- The Sherman was the best armoured platform of WWII. Not just for it's reliabiltiy, easy and cheap to produce, or being well rounded, thats just what it was designed to be. The real bonus was how easily it could be modified to do whatever you need it to do. Infantry suport? It can do that. Anti tank? Easy. Anti aircraft? Your joking, all variants had a fifty on top for the job. Heavy assault? Just slap on that armour like its COD. Mine sweeping, artillery, troop and supply transport, very upgradeable. All of this was the bonuses of this tank. It's chassis was extremely versatile, it eleminated the need to design specialty vehicles for each job in war, just use a Sherman! Also asthetically, the M4A3 76w with HVSS is such a sexy machine.
Medium Tank, M4
It was the most widely used medium tank by the United States and Western Allies in World War II. The M4 Sherman proved to be reliable, relatively cheap to produce, and available in great numbers. It was also the basis of several other armored fighting vehicles including self-propelled artillery, tank destroyers, and armored recovery vehicles. Tens of thousands were distributed through the Lend-Lease program to the British Commonwealth and Soviet Union. The tank was named by the British after the American Civil War General William Tecumseh Sherman.
The M4 Sherman evolved from the M3 Medium Tank, which – for speed of development – had its main armament in a side sponson mount. The M4 retained much of the previous mechanical design, but moved the main 75 mm gun into a fully traversing central turret. One feature, a one-axis gyrostabilizer, was not precise enough to allow firing when moving but did help keep the gun aimed in roughly the right direction for when the tank stopped to fire. The designers stressed reliability, ease of production and maintenance, durability, standardization of parts and ammunition in a limited number of variants, and moderate size and weight (to facilitate shipping and for compatibility with existing bridging equipment size and weight limit restrictions). These factors, combined with Sherman's then-superior armor and armament, outclassed German light and medium tanks fielded in 1939–42. The M4 was the most-produced tank in American history, with 49,324 produced (including variants). During World War II, the Sherman spearheaded many offensives by the Allies after 1942.
When the M4 tank went into combat in North Africa with the British Army at the Second Battle of El Alamein in late 1942, it increased the advantage of Allied armor over Axis armor and was superior to the lighter German and Italian tank designs. For this reason, the US Army believed that the M4 would be adequate to win the war, and relatively little pressure was initially applied for further tank development. Logistical and transport restrictions, such as limitations imposed by roads, ports, and bridges, also complicated the introduction of a more capable but heavier tank. Tank destroyer battalions using vehicles built on the M4 hull and chassis, but with open-topped turrets and more potent high-velocity guns, also entered widespread use in the Allied armies. Even by 1944, most M4 Shermans kept their dual-purpose 75 mm gun. By then, the M4 was inferior in firepower and armor to increasing numbers of German upgraded medium tanks and heavy tanks but was able to fight on with the help of considerable numerical superiority, greater mechanical reliability, better logistical support, and support from growing numbers of fighter-bombers and artillery pieces. Later in the war, a more effective armor-piercing gun, the 76 mm gun M1, was incorporated into production vehicles. For anti-tank work, the British refitted Shermans with a 76.2 mm Ordnance QF 17-pounder gun (as the Sherman Firefly). Some were fitted with a 105 mm gun to act as infantry support vehicles.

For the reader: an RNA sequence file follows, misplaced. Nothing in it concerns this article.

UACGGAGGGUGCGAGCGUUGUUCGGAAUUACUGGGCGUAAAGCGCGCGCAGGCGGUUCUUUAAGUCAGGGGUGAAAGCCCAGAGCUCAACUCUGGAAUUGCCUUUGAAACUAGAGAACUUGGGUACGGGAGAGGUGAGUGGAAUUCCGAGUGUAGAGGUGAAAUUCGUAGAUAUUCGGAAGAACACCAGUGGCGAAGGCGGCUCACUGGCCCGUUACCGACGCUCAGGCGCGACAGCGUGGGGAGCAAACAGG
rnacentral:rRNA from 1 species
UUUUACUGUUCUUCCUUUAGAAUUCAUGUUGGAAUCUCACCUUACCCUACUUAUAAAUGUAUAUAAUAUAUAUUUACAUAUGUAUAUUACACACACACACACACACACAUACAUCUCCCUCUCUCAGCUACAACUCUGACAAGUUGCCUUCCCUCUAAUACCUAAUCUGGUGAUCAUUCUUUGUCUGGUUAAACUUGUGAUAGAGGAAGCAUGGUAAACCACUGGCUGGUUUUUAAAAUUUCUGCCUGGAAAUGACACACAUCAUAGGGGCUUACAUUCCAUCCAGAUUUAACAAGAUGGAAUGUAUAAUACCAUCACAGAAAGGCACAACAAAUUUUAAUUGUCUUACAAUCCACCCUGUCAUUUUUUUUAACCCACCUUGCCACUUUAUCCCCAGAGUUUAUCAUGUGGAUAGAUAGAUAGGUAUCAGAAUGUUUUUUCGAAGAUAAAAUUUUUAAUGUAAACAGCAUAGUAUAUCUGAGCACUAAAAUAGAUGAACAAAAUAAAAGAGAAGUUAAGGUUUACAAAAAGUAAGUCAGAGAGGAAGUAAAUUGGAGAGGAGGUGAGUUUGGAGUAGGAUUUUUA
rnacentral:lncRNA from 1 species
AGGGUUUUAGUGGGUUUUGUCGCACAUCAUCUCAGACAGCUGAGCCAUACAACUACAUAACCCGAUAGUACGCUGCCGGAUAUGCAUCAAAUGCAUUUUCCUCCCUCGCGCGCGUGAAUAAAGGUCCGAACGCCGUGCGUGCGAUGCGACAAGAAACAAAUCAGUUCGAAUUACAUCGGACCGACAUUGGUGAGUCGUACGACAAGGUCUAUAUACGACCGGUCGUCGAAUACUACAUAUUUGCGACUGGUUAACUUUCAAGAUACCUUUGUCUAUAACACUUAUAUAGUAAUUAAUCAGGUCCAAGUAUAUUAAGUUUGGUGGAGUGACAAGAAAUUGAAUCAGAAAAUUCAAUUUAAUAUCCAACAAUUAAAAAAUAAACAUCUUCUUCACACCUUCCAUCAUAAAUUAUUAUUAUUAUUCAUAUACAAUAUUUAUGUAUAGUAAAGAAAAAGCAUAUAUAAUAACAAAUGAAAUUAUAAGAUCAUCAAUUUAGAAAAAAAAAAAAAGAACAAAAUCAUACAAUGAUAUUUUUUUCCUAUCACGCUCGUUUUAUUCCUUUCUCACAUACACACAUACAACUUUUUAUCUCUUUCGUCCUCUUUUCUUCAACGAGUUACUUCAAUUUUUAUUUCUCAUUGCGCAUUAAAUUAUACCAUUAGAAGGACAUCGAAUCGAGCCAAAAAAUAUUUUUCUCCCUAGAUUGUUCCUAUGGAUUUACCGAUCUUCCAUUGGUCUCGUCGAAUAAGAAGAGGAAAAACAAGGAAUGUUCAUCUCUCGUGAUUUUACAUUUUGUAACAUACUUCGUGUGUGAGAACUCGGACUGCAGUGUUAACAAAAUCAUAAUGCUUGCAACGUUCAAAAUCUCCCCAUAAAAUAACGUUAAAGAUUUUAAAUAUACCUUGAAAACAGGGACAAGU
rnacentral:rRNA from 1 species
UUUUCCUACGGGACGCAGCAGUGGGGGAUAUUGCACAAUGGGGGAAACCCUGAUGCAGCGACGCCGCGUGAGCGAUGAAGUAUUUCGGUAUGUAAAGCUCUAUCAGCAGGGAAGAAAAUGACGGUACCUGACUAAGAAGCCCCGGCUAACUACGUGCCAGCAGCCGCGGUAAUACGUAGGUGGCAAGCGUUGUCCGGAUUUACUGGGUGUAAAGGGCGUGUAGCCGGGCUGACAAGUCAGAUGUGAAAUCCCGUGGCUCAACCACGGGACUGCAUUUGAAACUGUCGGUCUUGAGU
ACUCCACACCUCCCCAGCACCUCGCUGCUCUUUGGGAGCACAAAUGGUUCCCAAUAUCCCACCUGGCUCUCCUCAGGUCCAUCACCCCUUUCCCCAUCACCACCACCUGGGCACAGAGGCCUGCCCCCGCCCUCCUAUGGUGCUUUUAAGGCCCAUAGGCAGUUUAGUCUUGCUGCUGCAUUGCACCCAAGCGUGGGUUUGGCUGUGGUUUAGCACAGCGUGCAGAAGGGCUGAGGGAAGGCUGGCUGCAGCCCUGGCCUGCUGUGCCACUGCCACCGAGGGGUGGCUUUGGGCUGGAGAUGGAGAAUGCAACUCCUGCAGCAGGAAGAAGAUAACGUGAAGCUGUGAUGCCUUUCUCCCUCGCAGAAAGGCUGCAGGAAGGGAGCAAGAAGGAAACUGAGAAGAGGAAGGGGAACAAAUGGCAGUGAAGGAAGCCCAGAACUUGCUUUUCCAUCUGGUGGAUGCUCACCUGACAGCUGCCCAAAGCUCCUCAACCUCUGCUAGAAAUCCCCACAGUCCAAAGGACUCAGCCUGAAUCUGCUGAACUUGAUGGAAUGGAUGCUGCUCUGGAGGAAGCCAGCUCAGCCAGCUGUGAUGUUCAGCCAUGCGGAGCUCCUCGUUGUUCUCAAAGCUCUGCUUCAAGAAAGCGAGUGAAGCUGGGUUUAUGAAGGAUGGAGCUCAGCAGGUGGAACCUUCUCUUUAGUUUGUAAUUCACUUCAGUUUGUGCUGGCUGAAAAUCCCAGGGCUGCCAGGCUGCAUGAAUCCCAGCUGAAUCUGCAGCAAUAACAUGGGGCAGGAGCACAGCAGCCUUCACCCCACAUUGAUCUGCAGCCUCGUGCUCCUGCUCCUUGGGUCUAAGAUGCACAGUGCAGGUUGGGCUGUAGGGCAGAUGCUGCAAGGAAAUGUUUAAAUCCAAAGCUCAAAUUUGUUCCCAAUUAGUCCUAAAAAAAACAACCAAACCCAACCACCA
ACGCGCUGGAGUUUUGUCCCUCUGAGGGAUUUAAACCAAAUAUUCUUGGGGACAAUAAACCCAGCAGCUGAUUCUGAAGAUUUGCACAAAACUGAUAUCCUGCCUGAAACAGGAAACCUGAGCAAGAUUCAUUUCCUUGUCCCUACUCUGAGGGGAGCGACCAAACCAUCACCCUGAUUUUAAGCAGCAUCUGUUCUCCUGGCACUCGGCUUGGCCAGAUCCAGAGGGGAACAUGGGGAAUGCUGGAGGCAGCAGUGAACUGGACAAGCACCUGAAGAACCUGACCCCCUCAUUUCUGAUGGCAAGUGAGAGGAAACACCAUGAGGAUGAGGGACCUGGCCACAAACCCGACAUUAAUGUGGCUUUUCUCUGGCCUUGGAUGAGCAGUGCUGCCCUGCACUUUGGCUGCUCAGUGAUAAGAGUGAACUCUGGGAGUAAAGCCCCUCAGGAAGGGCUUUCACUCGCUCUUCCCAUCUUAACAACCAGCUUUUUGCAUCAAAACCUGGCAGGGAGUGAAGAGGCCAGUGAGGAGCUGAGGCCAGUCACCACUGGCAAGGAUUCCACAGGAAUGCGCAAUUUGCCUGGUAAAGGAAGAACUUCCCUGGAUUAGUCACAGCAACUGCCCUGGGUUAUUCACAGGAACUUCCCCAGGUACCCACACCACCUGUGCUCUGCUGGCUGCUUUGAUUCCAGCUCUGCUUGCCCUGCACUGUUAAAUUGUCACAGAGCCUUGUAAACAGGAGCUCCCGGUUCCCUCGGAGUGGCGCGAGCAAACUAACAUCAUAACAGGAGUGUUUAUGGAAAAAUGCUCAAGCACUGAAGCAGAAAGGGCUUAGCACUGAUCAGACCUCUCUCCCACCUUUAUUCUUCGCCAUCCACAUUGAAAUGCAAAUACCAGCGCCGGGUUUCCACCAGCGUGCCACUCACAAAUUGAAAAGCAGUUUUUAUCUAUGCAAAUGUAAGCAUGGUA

The relative ease of production allowed large numbers of the M4 to be manufactured, and significant investment in tank recovery and repair units allowed disabled vehicles to be repaired and returned to service quickly. These factors combined to give the Allies numerical superiority in most battles, and many infantry divisions were provided with M4s and tank destroyers. By 1944, a typical U.S. infantry division had attached for armor support an M4 Sherman battalion, a tank destroyer battalion, or both.
After World War II, the Sherman, particularly the many improved and upgraded versions, continued to see combat service in many conflicts around the world, including the U.N forces in the Korean War, with Israel in the Arab–Israeli wars, briefly with South Vietnam in the Vietnam War, and on both sides of the Indo-Pakistani War of 1965.